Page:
Is one portfolio rebalance a year enough?

Steve Thaxter, Senior Partner and Principal Adviser

Sovereign Wealth Partners



Spoiler alert (and breathe a sigh of relief) – the research says yes, if we do it carefully enough!


Traditional portfolio theory tells us that there are optimum investment portfolio settings that give us the best long term return for the risk we’re prepared to take.

So when we start out, we establish a portfolio with careful allocations that give us the benefits of diversification along with the right risk and return mix.  But over time, the dynamic nature of markets always pushes our allocations off track.  Some sectors do better than others.

So we need some sort of rebalancing process to continue to assess the opportunity going forward whilst staying within the risk expectations initially agreed.

Therefore in our review meetings we tend to adjust our clients’ current portfolio exposures towards asset allocation targets.  More often than not we do this annually.  But have you ever wondered if you were missing out by not rebalancing your portfolio more frequently?  Or should you jump in and rebalance straight after a big market move?


New research by Vanguard in the US looks at the frequency of rebalances and the impact on return.  The research looked at:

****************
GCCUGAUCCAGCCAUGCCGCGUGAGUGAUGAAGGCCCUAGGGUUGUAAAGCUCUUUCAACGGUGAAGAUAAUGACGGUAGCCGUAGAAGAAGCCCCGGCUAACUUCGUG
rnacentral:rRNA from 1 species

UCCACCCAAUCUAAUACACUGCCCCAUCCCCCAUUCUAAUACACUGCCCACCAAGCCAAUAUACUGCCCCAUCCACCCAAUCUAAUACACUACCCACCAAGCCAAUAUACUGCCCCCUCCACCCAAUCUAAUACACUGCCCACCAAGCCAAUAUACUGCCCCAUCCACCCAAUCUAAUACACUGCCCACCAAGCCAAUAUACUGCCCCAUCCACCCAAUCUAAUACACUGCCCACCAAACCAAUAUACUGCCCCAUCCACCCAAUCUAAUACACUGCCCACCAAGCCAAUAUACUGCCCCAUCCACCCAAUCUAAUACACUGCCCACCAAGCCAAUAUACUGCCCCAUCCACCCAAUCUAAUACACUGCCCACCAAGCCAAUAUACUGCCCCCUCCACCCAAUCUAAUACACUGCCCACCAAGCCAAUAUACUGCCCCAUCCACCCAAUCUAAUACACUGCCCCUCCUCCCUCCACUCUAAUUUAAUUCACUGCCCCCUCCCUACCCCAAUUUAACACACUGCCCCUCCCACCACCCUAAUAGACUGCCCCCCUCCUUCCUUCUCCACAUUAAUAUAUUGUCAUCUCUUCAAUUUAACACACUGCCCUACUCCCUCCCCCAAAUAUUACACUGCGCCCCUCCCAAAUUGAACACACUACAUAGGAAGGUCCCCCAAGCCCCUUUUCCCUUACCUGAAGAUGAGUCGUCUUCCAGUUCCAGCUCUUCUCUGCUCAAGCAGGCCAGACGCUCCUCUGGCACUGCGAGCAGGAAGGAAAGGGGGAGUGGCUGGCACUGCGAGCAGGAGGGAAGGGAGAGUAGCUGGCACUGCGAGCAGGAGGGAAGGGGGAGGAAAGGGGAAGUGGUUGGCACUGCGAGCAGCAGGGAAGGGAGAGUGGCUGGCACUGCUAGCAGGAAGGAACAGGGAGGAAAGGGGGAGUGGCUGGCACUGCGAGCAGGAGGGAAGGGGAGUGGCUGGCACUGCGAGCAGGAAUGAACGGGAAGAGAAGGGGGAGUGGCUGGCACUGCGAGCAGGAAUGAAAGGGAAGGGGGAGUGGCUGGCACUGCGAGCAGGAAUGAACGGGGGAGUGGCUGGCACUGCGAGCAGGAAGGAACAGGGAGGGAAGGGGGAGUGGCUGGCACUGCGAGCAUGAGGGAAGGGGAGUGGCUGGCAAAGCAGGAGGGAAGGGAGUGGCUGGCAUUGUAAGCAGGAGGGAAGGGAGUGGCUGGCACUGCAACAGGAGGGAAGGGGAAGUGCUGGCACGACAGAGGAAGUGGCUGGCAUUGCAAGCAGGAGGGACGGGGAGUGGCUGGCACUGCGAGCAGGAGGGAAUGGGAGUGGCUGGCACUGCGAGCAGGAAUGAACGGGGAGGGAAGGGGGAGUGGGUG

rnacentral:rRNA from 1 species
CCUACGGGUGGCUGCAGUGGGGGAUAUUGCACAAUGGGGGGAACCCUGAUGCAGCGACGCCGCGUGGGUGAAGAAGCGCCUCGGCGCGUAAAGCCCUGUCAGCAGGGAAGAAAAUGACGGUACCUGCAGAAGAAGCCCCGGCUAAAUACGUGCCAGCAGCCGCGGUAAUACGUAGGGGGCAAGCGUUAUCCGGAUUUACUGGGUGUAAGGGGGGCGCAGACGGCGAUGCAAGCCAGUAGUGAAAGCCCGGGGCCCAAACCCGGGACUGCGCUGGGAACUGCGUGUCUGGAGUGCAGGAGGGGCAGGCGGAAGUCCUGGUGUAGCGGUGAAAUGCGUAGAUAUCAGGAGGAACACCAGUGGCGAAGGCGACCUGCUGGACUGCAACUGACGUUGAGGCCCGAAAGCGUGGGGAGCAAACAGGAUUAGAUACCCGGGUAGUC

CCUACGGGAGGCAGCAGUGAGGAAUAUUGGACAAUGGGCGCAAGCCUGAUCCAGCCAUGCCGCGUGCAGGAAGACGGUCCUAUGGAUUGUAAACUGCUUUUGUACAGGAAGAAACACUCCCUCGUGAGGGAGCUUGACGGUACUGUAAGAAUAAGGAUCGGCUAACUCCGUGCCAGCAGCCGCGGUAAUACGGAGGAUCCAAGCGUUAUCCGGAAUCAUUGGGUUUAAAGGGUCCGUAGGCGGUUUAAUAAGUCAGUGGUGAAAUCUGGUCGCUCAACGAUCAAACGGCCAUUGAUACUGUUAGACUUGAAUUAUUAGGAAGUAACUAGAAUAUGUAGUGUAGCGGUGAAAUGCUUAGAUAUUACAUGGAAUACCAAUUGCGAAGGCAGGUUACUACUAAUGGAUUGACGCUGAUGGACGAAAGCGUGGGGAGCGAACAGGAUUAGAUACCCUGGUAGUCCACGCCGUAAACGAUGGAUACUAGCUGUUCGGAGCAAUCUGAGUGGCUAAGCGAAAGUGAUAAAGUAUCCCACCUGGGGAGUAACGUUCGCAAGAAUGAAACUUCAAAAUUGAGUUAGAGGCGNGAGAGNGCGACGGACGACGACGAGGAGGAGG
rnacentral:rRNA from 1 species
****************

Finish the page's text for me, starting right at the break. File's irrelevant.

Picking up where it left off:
1. time based rebalancing – daily monthly, quarterly, annually, biannually and never;
  2. threshold based rebalancing – rebalancing when market moves meant that allocations were “out” by more than 1%, 3%, 5%, and 7%
  3. combination rebalancing – combining the two

The results were surprising.  The costs of micromanaging with frequent rebalancings far outweighed the benefits.

When looking at time-based rebalancing alone, annual rebalancing came out the best:

And again, with combination rebalancing, irrespective of the movement threshold, annual rebalancing was better than monthly or daily.  Best of all was annual rebalancing to a low threshold.



We find it interesting that rebalancing straight away after a big market move is not necessarily optimal.  The study found that rebalances during volatile markets were expensive and quite likely to be reversed at the next rebalancing, which adds to costs.

It’s not the full story of course, there’s much to be said for taking opportunities in fearful markets and strategies such as tax loss harvesting.  But for us, this research re-enforces why we take such a careful approach to asset allocation at our annual review meetings.



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